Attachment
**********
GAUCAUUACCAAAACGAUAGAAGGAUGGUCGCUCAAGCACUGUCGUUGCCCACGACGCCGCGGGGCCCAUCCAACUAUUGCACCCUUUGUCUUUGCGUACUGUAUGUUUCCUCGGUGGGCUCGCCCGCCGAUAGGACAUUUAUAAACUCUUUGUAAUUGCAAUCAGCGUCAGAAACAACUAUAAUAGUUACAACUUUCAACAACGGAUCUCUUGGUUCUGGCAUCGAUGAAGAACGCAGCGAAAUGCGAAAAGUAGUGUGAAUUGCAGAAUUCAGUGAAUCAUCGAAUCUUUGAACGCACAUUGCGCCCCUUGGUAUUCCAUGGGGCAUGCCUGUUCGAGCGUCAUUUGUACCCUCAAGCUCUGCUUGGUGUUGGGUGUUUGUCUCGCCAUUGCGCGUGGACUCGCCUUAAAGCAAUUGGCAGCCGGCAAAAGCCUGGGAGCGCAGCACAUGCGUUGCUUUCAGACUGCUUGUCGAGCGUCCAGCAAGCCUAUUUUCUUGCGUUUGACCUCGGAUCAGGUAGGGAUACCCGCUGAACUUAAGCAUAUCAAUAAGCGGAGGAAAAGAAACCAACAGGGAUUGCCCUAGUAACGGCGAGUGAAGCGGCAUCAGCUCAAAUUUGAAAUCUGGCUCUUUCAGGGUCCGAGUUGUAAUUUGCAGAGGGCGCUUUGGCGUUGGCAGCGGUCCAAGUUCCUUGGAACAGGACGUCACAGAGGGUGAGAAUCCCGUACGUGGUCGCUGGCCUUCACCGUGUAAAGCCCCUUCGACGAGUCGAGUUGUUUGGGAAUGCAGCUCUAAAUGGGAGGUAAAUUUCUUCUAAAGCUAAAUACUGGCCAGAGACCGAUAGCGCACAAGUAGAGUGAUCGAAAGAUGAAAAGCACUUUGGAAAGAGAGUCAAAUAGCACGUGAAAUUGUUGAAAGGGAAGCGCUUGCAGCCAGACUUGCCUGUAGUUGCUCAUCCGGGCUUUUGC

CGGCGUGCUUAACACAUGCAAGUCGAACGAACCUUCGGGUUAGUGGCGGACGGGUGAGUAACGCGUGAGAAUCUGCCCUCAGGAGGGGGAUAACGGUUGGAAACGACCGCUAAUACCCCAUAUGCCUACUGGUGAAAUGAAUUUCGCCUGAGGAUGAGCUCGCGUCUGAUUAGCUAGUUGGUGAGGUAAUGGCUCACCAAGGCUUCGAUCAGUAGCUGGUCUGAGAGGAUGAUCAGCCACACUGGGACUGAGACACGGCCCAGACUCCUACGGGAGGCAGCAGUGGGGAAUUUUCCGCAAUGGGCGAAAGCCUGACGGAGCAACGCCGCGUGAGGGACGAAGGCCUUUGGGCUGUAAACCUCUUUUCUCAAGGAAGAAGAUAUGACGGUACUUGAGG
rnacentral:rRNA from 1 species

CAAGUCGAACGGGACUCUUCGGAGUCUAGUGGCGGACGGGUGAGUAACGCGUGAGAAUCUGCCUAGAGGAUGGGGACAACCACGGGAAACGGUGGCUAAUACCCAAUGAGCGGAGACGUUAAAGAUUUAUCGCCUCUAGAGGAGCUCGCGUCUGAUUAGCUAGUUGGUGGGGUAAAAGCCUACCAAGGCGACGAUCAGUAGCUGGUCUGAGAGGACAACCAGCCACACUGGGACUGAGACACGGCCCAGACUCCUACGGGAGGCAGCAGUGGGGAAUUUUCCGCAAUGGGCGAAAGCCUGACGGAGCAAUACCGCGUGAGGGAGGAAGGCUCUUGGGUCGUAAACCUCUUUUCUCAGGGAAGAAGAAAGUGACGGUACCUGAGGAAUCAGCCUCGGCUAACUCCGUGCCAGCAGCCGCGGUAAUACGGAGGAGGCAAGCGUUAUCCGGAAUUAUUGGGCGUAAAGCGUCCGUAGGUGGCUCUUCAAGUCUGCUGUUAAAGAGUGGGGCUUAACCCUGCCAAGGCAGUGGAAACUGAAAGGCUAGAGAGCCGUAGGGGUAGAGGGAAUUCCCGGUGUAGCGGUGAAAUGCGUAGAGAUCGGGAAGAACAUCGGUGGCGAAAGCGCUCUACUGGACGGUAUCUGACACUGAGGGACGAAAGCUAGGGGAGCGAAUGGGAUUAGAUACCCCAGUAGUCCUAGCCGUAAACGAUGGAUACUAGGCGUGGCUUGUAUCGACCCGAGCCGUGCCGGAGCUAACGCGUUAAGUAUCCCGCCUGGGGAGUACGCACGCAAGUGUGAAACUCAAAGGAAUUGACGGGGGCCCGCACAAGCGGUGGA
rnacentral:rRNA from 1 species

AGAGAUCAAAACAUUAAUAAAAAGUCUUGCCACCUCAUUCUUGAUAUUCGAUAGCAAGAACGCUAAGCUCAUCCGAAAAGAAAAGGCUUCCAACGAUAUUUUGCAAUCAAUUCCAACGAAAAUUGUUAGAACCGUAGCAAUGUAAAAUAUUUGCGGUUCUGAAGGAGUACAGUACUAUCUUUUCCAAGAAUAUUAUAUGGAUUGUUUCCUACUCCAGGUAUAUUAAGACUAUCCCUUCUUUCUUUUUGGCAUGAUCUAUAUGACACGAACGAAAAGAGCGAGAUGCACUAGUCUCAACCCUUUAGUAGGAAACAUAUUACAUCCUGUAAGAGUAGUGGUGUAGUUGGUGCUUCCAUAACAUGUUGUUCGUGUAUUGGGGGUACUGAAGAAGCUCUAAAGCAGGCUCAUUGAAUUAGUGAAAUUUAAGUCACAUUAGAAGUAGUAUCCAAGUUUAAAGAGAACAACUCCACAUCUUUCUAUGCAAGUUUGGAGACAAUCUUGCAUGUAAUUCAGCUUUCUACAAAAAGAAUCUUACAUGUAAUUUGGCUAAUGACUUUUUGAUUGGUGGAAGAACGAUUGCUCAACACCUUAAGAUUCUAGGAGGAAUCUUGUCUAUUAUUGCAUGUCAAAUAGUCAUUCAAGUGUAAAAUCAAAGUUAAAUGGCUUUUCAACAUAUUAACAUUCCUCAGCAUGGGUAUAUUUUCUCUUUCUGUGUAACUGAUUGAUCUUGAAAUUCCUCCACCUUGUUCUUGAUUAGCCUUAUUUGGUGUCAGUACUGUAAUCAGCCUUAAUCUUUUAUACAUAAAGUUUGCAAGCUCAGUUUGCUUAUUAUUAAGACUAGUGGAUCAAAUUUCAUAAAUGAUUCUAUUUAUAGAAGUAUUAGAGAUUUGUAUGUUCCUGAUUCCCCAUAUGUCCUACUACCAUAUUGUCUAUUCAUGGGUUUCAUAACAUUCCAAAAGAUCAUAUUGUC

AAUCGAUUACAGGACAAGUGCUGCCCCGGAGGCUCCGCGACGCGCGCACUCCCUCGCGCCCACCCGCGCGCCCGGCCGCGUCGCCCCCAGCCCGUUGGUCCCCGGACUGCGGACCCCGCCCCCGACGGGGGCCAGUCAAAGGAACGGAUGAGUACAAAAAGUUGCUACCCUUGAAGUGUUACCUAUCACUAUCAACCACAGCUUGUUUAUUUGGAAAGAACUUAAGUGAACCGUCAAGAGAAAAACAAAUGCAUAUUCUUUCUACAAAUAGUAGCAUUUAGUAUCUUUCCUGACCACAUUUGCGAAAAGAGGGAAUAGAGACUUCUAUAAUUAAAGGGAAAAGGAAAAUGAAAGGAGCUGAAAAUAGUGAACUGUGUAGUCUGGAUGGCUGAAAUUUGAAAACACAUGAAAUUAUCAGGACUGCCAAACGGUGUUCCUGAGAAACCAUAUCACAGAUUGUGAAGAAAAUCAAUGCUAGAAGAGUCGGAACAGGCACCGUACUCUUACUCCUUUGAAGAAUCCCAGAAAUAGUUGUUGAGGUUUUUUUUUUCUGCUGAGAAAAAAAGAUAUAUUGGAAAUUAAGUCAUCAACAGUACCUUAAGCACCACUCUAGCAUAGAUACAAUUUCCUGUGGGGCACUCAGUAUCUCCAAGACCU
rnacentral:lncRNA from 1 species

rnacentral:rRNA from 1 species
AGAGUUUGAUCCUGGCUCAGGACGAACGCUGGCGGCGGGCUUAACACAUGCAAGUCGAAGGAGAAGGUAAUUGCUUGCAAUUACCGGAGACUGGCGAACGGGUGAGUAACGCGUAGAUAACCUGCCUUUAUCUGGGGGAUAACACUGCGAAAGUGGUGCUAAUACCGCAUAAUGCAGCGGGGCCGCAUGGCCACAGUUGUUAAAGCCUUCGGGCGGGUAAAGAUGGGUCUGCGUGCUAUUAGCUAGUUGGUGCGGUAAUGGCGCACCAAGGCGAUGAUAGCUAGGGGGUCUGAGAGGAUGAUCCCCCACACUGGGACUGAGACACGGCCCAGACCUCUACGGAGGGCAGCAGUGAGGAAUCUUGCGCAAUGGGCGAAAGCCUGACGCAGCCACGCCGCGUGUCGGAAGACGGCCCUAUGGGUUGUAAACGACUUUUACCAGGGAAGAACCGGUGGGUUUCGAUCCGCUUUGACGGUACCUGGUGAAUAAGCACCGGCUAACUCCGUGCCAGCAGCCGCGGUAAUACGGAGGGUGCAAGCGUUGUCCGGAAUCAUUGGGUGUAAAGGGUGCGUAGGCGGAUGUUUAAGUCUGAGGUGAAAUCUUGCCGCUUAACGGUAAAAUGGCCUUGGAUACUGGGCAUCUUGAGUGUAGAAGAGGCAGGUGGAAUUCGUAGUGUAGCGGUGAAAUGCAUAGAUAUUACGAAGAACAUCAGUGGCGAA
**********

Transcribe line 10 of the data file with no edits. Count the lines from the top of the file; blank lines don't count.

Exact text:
AGAGUUUGAUCCUGGCUCAGGACGAACGCUGGCGGCGGGCUUAACACAUGCAAGUCGAAGGAGAAGGUAAUUGCUUGCAAUUACCGGAGACUGGCGAACGGGUGAGUAACGCGUAGAUAACCUGCCUUUAUCUGGGGGAUAACACUGCGAAAGUGGUGCUAAUACCGCAUAAUGCAGCGGGGCCGCAUGGCCACAGUUGUUAAAGCCUUCGGGCGGGUAAAGAUGGGUCUGCGUGCUAUUAGCUAGUUGGUGCGGUAAUGGCGCACCAAGGCGAUGAUAGCUAGGGGGUCUGAGAGGAUGAUCCCCCACACUGGGACUGAGACACGGCCCAGACCUCUACGGAGGGCAGCAGUGAGGAAUCUUGCGCAAUGGGCGAAAGCCUGACGCAGCCACGCCGCGUGUCGGAAGACGGCCCUAUGGGUUGUAAACGACUUUUACCAGGGAAGAACCGGUGGGUUUCGAUCCGCUUUGACGGUACCUGGUGAAUAAGCACCGGCUAACUCCGUGCCAGCAGCCGCGGUAAUACGGAGGGUGCAAGCGUUGUCCGGAAUCAUUGGGUGUAAAGGGUGCGUAGGCGGAUGUUUAAGUCUGAGGUGAAAUCUUGCCGCUUAACGGUAAAAUGGCCUUGGAUACUGGGCAUCUUGAGUGUAGAAGAGGCAGGUGGAAUUCGUAGUGUAGCGGUGAAAUGCAUAGAUAUUACGAAGAACAUCAGUGGCGAA